Should You Baste Your Turkey?
Stop, You're Doing It Wrong! 5 Things NOT to Do to Your Turkey
Before you begin cooking your holiday turkey, there are a few tips you ought to consider from the turkey experts over at Butterball. Be warned: many of these may go against your family's tradition!
Don't cook a frozen (or partially frozen turkey)! Your turkey must be thoroughly thawed before it enters the oven. Try the quick-thaw method if you're under the gun, but FIY, even the quick method can take upwards of eight hours.
Don't baste it! I know this goes against everything generations before you may have said, but basting the bird just cools down the oven and makes the turkey take longer to reach the right temperature. The turkey skin will brown, so long as you brushed it with oil or butter before putting in the oven. Butterball says turkey skin is like a raincoat and the drippings just drip right off, anyway. So why bother basting? The drippings can be used for the gravy.
Don't open the oven repeatedly. It's so tempting to check on the bird, but use the oven light for that. Position the turkey and the oven-safe thermometer in such a way that you can read the temperature through the window. However, if your oven doesn't have a window (or you don't have an oven-safe thermometer), there's always simple math. Calculate the amount of time it will take you to cook the bird, and rely on a timer. There's only one real food safety check you should do, and that's after four hours of cooking (in a 325°F oven), the bird should reach an internal temperature of 135°F.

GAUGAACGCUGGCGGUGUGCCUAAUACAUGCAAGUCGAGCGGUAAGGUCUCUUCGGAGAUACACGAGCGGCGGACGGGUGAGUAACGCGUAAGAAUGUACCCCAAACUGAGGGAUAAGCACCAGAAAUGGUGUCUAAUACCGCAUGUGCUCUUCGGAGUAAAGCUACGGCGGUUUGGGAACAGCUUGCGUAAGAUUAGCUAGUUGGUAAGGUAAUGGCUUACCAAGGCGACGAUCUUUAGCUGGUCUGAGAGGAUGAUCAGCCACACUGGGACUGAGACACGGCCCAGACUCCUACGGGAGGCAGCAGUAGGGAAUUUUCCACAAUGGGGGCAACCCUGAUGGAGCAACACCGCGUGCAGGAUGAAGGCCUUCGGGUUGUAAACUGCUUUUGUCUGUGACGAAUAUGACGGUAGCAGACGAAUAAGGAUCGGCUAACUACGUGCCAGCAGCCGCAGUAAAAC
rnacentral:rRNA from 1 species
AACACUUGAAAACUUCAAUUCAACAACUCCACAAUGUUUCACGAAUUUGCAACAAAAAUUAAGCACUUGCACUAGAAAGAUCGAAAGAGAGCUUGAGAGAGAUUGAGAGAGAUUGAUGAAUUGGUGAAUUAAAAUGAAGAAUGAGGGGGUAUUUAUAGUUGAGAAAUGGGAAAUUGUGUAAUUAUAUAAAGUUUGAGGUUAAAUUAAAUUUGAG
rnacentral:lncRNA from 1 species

Don't leave the turkey on the bone. Yes, you can present the bird at the table after it's come out of the oven, but scurry back to the kitchen and then, carve the entire turkey off the bone and serve the slices. The reason is explained below.
Don't leave the turkey out for longer than two hours! This is totally unintuitive, but bacteria begins to breed after the turkey has been out for longer than two hours. You want to carve the turkey off the bone, so it has a chance to cool before putting it in the fridge. Otherwise, the residual heat from the bones keeps the turkey meat at a dreaded danger zone for hours, even if it's put in the fridge.